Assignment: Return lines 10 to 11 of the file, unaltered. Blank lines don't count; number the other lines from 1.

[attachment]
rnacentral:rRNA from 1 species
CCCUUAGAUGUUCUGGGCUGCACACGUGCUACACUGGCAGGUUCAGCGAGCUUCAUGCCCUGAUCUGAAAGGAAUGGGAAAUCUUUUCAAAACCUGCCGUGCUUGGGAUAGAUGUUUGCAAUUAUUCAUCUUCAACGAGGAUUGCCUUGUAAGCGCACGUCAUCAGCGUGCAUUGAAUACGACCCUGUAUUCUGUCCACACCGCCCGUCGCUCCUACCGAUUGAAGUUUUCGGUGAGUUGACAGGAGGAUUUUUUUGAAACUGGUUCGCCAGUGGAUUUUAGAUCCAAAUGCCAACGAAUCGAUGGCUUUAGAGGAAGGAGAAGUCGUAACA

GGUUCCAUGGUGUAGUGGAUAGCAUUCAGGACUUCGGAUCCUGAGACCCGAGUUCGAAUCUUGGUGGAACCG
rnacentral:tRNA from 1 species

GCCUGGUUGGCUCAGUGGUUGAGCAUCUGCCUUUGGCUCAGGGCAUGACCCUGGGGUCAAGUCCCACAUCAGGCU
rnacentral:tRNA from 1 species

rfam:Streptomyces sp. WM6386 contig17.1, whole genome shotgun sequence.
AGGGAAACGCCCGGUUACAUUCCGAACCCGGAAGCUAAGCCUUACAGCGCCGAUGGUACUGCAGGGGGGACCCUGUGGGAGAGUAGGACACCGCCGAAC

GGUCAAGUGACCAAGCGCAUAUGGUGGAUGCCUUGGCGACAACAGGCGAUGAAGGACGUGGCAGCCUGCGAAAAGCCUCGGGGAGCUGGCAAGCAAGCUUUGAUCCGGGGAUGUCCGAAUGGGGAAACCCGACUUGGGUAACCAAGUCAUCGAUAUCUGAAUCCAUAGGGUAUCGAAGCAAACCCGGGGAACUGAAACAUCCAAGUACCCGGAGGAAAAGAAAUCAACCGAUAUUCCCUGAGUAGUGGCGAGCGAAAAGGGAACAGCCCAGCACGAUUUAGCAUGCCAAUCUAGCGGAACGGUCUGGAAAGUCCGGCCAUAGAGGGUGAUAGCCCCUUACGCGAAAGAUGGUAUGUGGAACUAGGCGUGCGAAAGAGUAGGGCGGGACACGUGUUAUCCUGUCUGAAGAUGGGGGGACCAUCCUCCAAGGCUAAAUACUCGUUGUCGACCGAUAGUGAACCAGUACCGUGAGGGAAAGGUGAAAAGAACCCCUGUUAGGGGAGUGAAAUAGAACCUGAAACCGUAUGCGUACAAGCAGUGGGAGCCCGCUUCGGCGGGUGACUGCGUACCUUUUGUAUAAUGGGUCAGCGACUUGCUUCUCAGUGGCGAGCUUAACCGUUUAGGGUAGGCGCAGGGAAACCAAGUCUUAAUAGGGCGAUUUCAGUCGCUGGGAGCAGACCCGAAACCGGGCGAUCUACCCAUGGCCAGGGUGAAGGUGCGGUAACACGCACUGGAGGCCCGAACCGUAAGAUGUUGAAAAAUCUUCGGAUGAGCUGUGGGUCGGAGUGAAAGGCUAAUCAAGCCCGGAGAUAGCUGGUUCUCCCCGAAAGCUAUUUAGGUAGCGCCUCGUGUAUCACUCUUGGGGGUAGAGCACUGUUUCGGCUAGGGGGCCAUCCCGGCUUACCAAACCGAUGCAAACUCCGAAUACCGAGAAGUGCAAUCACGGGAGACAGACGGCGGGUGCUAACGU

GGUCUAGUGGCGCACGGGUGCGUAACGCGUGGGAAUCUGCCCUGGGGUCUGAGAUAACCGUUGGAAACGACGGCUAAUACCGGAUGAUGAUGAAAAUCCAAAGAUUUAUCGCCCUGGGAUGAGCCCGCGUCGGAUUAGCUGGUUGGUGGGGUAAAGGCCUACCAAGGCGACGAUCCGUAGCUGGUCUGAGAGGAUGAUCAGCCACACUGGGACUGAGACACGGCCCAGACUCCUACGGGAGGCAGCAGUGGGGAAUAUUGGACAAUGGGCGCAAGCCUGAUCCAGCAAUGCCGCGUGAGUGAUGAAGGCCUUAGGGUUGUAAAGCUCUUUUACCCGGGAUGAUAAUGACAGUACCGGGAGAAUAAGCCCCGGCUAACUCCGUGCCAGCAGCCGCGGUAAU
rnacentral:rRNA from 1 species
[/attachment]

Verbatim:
GGUCUAGUGGCGCACGGGUGCGUAACGCGUGGGAAUCUGCCCUGGGGUCUGAGAUAACCGUUGGAAACGACGGCUAAUACCGGAUGAUGAUGAAAAUCCAAAGAUUUAUCGCCCUGGGAUGAGCCCGCGUCGGAUUAGCUGGUUGGUGGGGUAAAGGCCUACCAAGGCGACGAUCCGUAGCUGGUCUGAGAGGAUGAUCAGCCACACUGGGACUGAGACACGGCCCAGACUCCUACGGGAGGCAGCAGUGGGGAAUAUUGGACAAUGGGCGCAAGCCUGAUCCAGCAAUGCCGCGUGAGUGAUGAAGGCCUUAGGGUUGUAAAGCUCUUUUACCCGGGAUGAUAAUGACAGUACCGGGAGAAUAAGCCCCGGCUAACUCCGUGCCAGCAGCCGCGGUAAU
rnacentral:rRNA from 1 species